Jones had more than 560 hours of instrumentation experience while in flight and nearly 300 hours using night vision goggles, or NVGs. "The [mishap pilot] was current and qualified at instrument and night flying, with and without the aid of NVGs," officials said. "On the night of the mishap, the degraded primary flight data available to [Jones] created an increased dependence on standby instruments for aircraft orientation."
That's why Jones was intent on fixing the issues, the report added.
The combination of "night, weather conditions, the use of NVGs, low illumination, the [F-16's] altitude, attitude and airspeed, as well as [Jones'] breakdown in visual scan of the available primary and standby instrumentation impacted [his] ability to recognize, confirm, and recover from the unusual attitude created by the spatially disorienting event," said Brig Gen. David Smith, president of the Accident Investigation Board.
Local emergency responders, the Coast Guard, additional Air Force units and other government agencies initiated immediate search-and-rescue efforts on the ground, in the air, and in the water following the crash.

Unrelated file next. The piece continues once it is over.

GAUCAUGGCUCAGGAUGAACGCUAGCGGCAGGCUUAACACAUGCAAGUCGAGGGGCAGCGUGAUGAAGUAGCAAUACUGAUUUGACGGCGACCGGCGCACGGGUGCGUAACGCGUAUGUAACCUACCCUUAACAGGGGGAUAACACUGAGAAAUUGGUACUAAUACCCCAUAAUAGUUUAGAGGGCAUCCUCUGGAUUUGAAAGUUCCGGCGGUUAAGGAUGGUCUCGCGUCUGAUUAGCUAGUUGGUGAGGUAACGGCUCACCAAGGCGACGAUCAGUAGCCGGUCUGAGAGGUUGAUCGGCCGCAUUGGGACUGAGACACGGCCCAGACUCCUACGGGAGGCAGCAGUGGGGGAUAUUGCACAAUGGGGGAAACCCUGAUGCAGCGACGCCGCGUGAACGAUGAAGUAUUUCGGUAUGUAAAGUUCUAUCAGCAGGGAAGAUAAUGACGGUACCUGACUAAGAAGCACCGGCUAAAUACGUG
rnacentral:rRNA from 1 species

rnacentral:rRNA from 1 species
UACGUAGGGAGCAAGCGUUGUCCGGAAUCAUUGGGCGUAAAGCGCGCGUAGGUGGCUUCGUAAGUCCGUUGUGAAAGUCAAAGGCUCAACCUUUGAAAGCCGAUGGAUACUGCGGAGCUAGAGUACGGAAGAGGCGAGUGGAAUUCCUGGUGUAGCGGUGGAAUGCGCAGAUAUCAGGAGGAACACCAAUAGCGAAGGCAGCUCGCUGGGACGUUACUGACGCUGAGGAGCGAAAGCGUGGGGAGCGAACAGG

Jones, of Albuquerque, New Mexico, joined the Guard in 2011, according to a Facebook announcement from the 115th Fighter Wing following the crash. He completed F-16 basic qualification training in 2015 and deployed to Japan that same year to support operations in the Pacific, the Facebook post said.
Jones deployed to Korea in 2017, and to Afghanistan in support of Operation Freedom's Sentinel in 2019, it said. Jones' awards include two Air Medals with combat 'C' devices.
Jones is survived by his wife and two children, according to the Wisconsin State Journal.
-- Oriana Pawlyk can be reached at firstname.lastname@example.org. Follow her on Twitter at @Oriana0214.